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What Adds More Value, Virtual or Face to Face Workshops?

With recent global events many people have had to work from home. This can prove particularly tricky when face to face project workshops are due to take place and critically important projects need to progress. Whilst not being physically face to face has many drawbacks, technology has provided us with the ability to see people’s faces and reactions through video conferencing software and to collaborate online.

This blog shares experiences of client projects that started face to face and had to move to remote working, the benefits and whether virtual workshops can be as effective or are in some ways better than face to face. We also share 5 virtual workshop tips to maximise value added to project teams whether under lock down, spread across the globe or a mixture office and home working.

1. Quickly adapt workshop approach, templates and where possible timelines

For projects involving workshops it is key to achieve the same if not better outcomes working virtually. Copying and pasting a workshop approach by having 30 people on a video conference format does not work from an interactivity, attention span and “managing the room” perspective. To maximise productivity in a virtual workshop setting think about the outcomes and objectives of the workshop and how you can break up what may have been a 1 or 2 day workshop into bite sized mini workshops spread over a longer time period.

A recent project example is from an FMCG organisation who needed a new global strategy to improve their operations and supply chain performance. Before Covid-19, various 2 day workshops had been planned in different countries. The project was of high importance to the client and once lockdown hit, instead of pausing the project we had to quickly shift to virtual working to maintain momentum.

This saw us take the 2 day workshop agenda and spread it across a few weeks using bite sized sessions of 1 to 1.5 hours for each topic with team working between each bite sized session. Significantly more preparation and support was required to brief client teams on topics create templates, get inputs and align all team members as we had lost the ability to co-create around a flipchart.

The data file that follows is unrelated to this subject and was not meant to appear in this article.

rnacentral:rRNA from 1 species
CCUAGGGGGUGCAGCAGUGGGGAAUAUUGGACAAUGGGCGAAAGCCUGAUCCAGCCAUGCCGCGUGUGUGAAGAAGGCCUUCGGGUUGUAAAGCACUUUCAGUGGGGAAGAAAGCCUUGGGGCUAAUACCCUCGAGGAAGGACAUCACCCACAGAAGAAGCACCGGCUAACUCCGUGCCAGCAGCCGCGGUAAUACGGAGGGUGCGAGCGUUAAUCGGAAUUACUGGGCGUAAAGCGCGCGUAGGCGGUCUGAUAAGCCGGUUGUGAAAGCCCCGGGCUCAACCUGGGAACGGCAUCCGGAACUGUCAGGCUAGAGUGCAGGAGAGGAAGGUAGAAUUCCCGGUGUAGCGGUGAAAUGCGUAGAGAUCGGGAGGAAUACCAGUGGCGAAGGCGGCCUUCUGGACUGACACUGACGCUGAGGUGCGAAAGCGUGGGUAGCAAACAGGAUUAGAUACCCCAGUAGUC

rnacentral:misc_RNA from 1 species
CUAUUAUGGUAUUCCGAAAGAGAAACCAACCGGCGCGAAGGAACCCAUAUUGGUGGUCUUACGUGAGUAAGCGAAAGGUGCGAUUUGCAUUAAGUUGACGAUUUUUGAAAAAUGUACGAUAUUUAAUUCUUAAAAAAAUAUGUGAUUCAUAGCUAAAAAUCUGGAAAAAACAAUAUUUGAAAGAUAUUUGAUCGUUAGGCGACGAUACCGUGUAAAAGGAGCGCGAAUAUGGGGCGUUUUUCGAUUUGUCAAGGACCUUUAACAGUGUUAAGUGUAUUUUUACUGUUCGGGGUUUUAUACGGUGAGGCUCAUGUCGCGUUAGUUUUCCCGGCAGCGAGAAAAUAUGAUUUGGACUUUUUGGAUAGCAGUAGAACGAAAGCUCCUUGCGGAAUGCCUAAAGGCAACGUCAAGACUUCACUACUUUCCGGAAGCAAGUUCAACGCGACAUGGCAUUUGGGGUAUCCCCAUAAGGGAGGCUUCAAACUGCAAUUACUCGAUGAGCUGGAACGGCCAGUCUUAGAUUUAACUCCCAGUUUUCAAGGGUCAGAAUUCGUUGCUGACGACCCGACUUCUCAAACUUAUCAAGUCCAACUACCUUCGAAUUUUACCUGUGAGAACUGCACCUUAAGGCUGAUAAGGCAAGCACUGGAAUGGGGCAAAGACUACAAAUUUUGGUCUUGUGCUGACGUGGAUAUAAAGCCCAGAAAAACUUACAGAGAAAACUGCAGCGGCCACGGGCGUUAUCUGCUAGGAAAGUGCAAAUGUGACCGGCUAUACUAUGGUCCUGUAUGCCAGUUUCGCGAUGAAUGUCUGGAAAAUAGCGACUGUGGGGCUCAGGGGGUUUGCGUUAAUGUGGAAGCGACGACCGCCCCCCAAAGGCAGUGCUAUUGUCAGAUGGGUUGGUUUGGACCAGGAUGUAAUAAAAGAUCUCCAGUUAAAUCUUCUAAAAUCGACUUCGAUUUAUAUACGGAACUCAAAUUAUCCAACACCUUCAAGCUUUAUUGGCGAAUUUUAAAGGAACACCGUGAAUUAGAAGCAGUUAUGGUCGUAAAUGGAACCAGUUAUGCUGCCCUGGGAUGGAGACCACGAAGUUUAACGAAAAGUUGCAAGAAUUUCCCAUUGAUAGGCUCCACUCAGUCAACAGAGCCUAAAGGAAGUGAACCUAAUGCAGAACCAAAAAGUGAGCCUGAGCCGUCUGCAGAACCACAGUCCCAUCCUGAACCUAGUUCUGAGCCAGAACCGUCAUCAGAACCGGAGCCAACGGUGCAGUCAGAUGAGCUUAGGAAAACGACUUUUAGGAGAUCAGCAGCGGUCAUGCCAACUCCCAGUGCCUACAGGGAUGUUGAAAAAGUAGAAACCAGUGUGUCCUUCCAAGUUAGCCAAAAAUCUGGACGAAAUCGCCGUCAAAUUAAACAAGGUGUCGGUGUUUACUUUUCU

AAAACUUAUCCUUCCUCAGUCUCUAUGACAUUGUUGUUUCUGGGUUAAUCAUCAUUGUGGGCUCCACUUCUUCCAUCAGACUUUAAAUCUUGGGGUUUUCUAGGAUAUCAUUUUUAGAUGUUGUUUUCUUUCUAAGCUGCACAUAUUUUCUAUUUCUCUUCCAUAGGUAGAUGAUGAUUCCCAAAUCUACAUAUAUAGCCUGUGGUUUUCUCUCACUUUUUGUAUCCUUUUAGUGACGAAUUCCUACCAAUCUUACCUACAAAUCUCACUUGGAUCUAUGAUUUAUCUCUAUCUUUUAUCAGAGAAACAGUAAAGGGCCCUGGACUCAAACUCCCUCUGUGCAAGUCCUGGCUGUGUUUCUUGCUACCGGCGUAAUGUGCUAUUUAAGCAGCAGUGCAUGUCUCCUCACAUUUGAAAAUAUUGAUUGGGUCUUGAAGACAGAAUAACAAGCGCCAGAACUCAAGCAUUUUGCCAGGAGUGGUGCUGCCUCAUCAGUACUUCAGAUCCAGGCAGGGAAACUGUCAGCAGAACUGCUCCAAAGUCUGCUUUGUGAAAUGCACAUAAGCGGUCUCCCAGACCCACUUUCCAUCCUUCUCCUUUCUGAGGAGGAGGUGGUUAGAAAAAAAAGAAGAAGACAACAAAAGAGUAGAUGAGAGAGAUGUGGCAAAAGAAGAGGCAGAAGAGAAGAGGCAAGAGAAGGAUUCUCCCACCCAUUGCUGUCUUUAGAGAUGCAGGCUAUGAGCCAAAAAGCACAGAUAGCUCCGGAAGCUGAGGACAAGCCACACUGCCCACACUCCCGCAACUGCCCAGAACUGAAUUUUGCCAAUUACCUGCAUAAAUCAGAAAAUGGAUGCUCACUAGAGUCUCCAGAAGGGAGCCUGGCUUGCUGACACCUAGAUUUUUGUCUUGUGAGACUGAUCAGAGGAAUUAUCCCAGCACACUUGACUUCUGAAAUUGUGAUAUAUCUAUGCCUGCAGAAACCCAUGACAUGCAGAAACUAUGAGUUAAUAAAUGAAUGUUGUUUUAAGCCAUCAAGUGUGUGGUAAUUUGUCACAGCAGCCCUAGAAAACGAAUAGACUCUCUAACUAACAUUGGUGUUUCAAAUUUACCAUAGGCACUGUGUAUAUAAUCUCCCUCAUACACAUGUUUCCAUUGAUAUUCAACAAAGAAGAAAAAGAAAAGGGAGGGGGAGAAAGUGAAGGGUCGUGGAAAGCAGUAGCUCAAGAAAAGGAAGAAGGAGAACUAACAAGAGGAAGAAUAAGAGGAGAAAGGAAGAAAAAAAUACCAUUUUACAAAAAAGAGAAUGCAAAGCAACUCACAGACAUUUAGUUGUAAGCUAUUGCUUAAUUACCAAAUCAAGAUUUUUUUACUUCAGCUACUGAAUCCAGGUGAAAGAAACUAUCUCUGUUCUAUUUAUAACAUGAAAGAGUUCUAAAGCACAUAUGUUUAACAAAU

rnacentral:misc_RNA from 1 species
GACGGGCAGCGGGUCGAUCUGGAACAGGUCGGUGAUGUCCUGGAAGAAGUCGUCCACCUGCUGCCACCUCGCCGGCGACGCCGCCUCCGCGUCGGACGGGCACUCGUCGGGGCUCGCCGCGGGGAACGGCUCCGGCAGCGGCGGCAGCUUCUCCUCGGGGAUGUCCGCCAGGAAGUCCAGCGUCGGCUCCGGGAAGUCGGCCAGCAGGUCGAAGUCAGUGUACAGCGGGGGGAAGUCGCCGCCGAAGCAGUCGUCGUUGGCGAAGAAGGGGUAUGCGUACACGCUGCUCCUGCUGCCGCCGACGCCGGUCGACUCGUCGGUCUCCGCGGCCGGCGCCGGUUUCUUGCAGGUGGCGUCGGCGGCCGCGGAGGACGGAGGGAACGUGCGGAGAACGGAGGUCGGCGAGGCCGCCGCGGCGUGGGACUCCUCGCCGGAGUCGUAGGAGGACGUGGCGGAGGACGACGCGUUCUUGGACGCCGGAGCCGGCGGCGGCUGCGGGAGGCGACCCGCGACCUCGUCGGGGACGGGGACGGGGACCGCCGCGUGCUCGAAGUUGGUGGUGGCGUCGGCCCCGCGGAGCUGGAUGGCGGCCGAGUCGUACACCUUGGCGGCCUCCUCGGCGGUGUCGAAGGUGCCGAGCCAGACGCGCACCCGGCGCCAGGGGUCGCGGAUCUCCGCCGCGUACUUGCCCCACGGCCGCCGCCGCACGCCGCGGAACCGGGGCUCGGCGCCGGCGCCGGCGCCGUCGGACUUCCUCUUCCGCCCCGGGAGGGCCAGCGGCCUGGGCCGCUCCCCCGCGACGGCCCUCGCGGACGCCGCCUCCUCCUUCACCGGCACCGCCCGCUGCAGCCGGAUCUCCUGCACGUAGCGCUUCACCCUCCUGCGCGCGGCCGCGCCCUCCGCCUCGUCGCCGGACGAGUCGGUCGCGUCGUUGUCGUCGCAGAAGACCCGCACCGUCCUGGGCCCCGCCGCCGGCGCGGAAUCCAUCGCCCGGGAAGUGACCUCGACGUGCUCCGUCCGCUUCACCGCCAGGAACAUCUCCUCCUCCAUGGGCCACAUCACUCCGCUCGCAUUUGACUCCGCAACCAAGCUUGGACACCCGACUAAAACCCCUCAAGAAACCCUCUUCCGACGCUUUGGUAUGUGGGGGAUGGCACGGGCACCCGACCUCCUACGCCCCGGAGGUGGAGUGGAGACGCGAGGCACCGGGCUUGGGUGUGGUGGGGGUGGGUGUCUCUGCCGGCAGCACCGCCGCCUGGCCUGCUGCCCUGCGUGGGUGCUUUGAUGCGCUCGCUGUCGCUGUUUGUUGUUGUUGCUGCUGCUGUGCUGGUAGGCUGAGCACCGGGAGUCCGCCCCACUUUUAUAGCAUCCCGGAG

This bite sized approach benefited the client by resulting in richer content for use later in the project as people could contribute to the templates in their own time. It also, provided a way for people who are not comfortable contributing in group or video conference environments to make a contribution.

2. Local culture, soft skills and team size are even more important when running virtual workshops

When having to work remotely taking different cultures into account and soft skills play is even more important. In another recent project, we supported an automotive manufacturer to move elements of their production to Asia. As we were unable to travel, we identified local workstream leads to maintain momentum and drive progress day to day . The use of tools such as Culture Compass also helped to maximise cross cultural working and productivity.

Workstream leads were briefed ahead of any workshop activities so they felt comfortable in what was coming, leading their workstream group and the activities between bite sized workshop sessions. Workstream team sizes were limited to 8-10 as running virtual workshops with more than 10 people becomes less effective. Workstream teams were functionally diverse to minimise bias and maximise perspectives from across the organisation to really push the art of the possible.

3. Video conference location is key

When leading video conference workshops we have encouraged everyone to make sure they have their camera on to maximise engagement. Even after many weeks of lockdown we understand that there may still be people who may be uncomfortable with seeing themselves on camera. By having around 10 people on a video conference call we can “work the room” and invite different attendees to comment and contribute. Being suitably dressed and in a good location helps. If possible sit facing a window (laptop facing towards you away from the window) with a wall behind you and if necessary use of one of the many backgrounds teleconference software provide.